Fluoxetine, a selective serotonin reuptake inhibitor, in dosages more than 20 mg/d (mean dose [± SD], 45 ± 25 mg/d) was recently found to be effective on outcome measures such as the FIQ total score, the FIQ pain score, the FIQ fatigue and depression score and the McGill Pain Questionnaire, when compared with subjects who received placebo (P = 0.005). The number of tender points and the total myalgic scores did not change significantly. The observation period of this study was 12 weeks. Unfortunately, follow-up tests were not performed.[55*]

Nonsteroidal anti-inflammatory drugs and other analgesics only partially improve the symptoms of some patients with FM. This could be because of different subgroups in FM with different pathogenetic backgrounds, eg, different expression of cytokines[56*, 57*] and/or different expression of opioid receptors.[58*] Therefore, selective opioid agonists might be helpful in a subgroup of FM patients, all the more because -endorphin concentrations are significantly lower in patients with FM than in normal subjects and depressed patients (P < 0.001 and P < 0.01, respectively).

Thus, evaluation of peripheral blood mononuclear cell -endorphin concentrations could represent a diagnostic tool for FM to distinguish the disease from chronic fatigue syndrome, major depression, or healthy subjects. The results obtained from Panerai et al. are also consistent with the hypothesis that the immune system is activated in FM.[59*]

Glucocorticoids are of little benefit, and should be avoided[37] except by FM patients with carpal tunnel syndrome, who can receive this treatment via local injections.[60]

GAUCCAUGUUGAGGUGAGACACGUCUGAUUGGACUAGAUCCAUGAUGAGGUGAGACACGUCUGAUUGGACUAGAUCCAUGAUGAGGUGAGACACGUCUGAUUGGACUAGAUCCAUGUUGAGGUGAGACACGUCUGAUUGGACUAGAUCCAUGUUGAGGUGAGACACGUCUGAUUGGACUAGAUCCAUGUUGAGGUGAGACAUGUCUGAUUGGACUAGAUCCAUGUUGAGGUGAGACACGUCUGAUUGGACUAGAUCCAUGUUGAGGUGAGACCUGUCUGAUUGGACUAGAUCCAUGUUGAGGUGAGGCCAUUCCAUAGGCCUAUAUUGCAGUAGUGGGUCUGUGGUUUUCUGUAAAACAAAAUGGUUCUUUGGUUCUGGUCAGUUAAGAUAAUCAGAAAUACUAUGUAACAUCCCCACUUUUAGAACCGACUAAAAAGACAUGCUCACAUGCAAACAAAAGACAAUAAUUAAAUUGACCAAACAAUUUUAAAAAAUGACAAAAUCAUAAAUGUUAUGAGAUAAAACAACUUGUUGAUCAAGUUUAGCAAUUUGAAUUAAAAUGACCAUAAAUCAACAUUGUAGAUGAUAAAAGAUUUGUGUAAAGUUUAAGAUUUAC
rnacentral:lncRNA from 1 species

Why do FM patients respond differently to different treatments?

It seems to depend on the different pathogenetic mechanisms in the (not yet well defined) subgroups of FM patients. Principally at least four different phenomena play a role within this: disturbances in the inhibitory system;[61] neuro-endocrine disturbances;[62, 63] disturbances in neuropeptides;[64] and a pathologic decreased secretion of the growth hormone.[65**] The authors suggest a growth hormone supplementation may be helpful in a subset of FM patients. Furthermore, recent findings suggest that cytokines,[56*, 57*] biogenic amines,[66] nitric oxide,[67] microcirculatory changes[68, 69] and prostaglandins[70] may contribute to FM pain. Out of the pathophysiologic changes, an appropriate therapeutic approach within an interdisciplinary concept should be recruited to reach optimal treatment goals for each individual FM patient. Experimental approaches already follow this line.

In summary, treatment recommendations for FM include (1) reassurance and explanation of the nature of the illness; (2) evaluation and eradication of mechanical stressors as far as possible; (3) symptomatic analgesic drug treatment; (4) and moderate individually adapted physical exercises.[71] Furthermore, adjuvant psychotherapeutic support in an interdisciplinary setting is necessary.[72**] Individually adapted measures are highly emphasized to differentially treat FM subgroups, as far as identified.

The demonstration of a long-term effective intervention for managing the symptoms associated with FM is needed. Subgroups of FM patients need to be clearly identified (new criteria) so that appropriate treatment packages might be developed. An interdisciplinary team approach is necessary in most cases. Rehabilitation plays a crucial role in the treatment of FM, particularly among patients more severely disabled by their chronic painful condition.


The authors thank Beatrice Giachino for her assistance with the literature search and Leanne Pobjoy from the Institute of Physical Medicine, University Hospital Zurich, for her aid in the preparation of the manuscript.

Reprint Address:

Correspondence to Haiko Sprott, MD, Department of Rheumatology and Institute of Physical Medicine, University Hospital Zurich, Gloriastrasse 25, CH-8091 Zurich, Switzerland; e-mail: haiko.sprott@usz.ch

Abbreviation Notes:

FM, primary fibromyalgia; FIQ, Fibromyalgia Impact Questionnaire

Source: Medscape. © 2003 Lippincott Williams & Wilkins